“With obesity and diabetes at epidemic rates in our state, My Healthy Weight offers us a way to provide consistent coverage to support healthy weight change and bring down our statewide rates,” said DHSS Secretary Dr. Kara Odom Walker, a board-certified family physician. “We know that poverty is the number one social determinant of health, so we are proud to offer this connection to care to our Medicaid clients as an important step forward in preventing and treating obesity in our state.”

“Each founding member in My Healthy Weight is a leader in the fight to combat this national public health crisis,” said Dr. Howell Wechsler, CEO, Alliance for a Healthier Generation. “By covering obesity prevention and treatment for members of all ages, they are taking a bold action to support better health at the most fundamental levels. This proactive, preventive initiative will make our entire health care system better and will improve millions of lives.”

More than one in three U.S. adults has obesity, with obesity care costing as much as $210 billion per year nationwide. Physical inactivity, obesity, and related chronic diseases, such as diabetes, cancer, and hypertension, constitute some of the most challenging and costly public health threats facing America.

“Health care is changing rapidly in America and prevention is too often an afterthought or left out of the conversation entirely,” said Bipartisan Policy Center’s Chief Medical Advisor Dr. Anand Parekh. “The founding members of My Healthy Weight are putting a historic stake in the ground to say that they value obesity and chronic disease prevention, which represents a fundamental and long overdue shift in the way we think about health care in this country.”


New District-Wide Elementary School Breakfast Program Announcement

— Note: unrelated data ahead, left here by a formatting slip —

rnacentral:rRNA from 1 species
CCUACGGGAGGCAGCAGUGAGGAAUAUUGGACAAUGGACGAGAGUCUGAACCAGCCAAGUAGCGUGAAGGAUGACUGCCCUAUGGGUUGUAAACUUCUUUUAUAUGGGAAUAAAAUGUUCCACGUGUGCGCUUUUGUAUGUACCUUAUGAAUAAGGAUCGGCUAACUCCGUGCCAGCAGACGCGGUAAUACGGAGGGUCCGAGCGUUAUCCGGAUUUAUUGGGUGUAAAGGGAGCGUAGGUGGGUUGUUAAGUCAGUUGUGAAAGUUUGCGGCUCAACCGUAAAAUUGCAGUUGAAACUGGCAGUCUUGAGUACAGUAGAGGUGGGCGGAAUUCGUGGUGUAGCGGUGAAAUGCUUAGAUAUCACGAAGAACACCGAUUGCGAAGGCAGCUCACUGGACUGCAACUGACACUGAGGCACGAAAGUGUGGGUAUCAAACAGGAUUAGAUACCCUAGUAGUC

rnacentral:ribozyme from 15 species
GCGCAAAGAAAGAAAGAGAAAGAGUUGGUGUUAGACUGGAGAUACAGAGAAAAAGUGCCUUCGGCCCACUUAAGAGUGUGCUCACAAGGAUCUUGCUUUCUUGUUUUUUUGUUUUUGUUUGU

Lt. Governor Denn’s Announcement of New District-Wide Elementary School Breakfast Program

WHO: Lieutenant Governor Matt Denn
Julie Giangiulio – Principal, West Seaford Elementary School
Denise Jacono – Principal, Frederick Douglass Elementary School
Jeff Forjan – Principal, Seaford Central Elementary School
Heather Bethurum – Principal,Blades Elementary School
Patricia Cunningham – Nutrition Services Supervisor , Seaford School District
Dr. Kevin Carson – Interim Superintendent, Seaford School District
Students

WHAT: Announcement of New District-Wide Elementary School Breakfast Program

WHEN: Wednesday, March 19, 2014
11:15 a.m.

WHERE: West Seaford Elementary School
511 Sussex Avenue
Seaford, Delaware 19973

DETAILS: Lieutenant Governor Matt Denn will announce Seaford School District as the first district he has recruited to allow students to eat breakfast in the classroom in all of its elementary schools.

The Seaford School District joins Colonial School District in having all elementary schools allow students to eat breakfast in the classroom. Eating breakfast in the classroom has been a proven way to increase participation which increases grades, test scores, and positive behavior throughout the day. Across the country, eating breakfast in the classroom has also reduced tardiness, absenteeism, childhood obesity, and disciplinary issues.